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PASADENA, Calif.—A police officer can be sued on grounds of using excessive force for using a Taser on an agitated driver stopped for a seat belt violation, a three-judge panel of the 9th U.S. Circuit Court of Appeals has ruled.
The case—Carl Bryan vs. Brian McPherson, Coronado Police Department and the City of Coronado—stemmed from a 2005 traffic stop in Coronado, Calif. As Judge Kim McLane Wardlaw wrote for the court, Mr. Bryan's “day was off to a bad start” when someone accidentally took his car keys and he received a speeding ticket while going to get them. On the way home, he was stopped by Coronado police officer Brian McPherson for not wearing seat belt.
At this point, according to the decision, Mr. Bryan, then 21 years old, was getting angrier at himself, got out of the car, and began crying.
“There is no dispute that Bryan was agitated, standing outside his car, yelling gibberish and hitting his thighs, clad only in his boxer shorts and tennis shoes,” Judge Wardlaw wrote for the three-judge panel. “It is also undisputed that Bryan did not verbally threaten officer McPherson and, according to officer McPherson, was standing 20 to 25 feet away and not attempting to flee.”
Nonetheless, Mr. McPherson shot Mr. Bryan with a Taser without warning. Mr. Bryan later sued the officer, the police department and the city on a variety of grounds. A U.S. District Court judge in San Diego granted summary judgment in favor of the city and police department, but denied the police officer's assertion of qualified immunity. Officer McPherson appealed.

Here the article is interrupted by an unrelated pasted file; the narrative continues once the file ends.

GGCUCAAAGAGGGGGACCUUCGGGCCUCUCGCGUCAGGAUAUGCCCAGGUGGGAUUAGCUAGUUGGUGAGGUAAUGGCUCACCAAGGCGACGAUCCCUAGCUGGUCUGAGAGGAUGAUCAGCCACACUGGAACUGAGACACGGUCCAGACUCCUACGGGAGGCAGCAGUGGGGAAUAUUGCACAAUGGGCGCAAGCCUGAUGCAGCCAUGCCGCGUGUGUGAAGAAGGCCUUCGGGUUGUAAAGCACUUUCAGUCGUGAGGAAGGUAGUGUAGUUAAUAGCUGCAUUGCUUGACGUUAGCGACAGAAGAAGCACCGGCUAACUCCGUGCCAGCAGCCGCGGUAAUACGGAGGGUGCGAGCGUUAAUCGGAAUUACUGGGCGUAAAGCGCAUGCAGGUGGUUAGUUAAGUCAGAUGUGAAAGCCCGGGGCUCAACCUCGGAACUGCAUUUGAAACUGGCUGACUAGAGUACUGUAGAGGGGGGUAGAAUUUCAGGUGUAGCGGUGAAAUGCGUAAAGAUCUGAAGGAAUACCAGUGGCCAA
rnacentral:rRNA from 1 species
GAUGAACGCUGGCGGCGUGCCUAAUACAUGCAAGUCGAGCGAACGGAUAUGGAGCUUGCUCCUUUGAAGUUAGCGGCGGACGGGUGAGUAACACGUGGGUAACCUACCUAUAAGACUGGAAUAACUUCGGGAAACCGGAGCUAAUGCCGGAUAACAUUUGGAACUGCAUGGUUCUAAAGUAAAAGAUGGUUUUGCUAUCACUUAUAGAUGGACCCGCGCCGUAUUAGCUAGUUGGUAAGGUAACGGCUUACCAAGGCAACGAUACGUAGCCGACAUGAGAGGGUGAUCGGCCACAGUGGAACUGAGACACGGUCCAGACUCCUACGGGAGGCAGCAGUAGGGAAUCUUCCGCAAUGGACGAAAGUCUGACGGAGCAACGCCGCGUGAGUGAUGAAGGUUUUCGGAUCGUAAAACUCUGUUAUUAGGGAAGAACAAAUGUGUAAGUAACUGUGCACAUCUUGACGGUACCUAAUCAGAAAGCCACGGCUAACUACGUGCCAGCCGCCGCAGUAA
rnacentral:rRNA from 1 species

The appeals court panel rejected that appeal.
“We, along with our sister circuits, have held that Tasers and stun guns fall into the category of nonlethal force,” Judge Wardlaw wrote. “Nonlethal, however, is not synonymous with nonexcessive; all force—lethal and nonlethal—must be justified by the need for the specific level of force employed.”
“The facts suggest that Bryan was not even facing officer McPherson when he was shot,” Judge Wardlaw wrote. “A reasonable officer in these circumstances would have known that it was unreasonable to deploy intermediate force.
“That there is no direct legal precedent dealing with this precise factual scenario is not dispositive. Rather, where an officer’s conduct so clearly offends an individual’s constitutional rights, we do not need to find closely analogous case law to show that a right is clearly established.”
“We affirm the district court because, viewing the circumstances in the light most favorable to Bryan, officer McPherson’s use of the Taser was unconstitutionally excessive and a violation of Bryan’s clearly established rights.”
The appeals court remanded the case for further proceedings.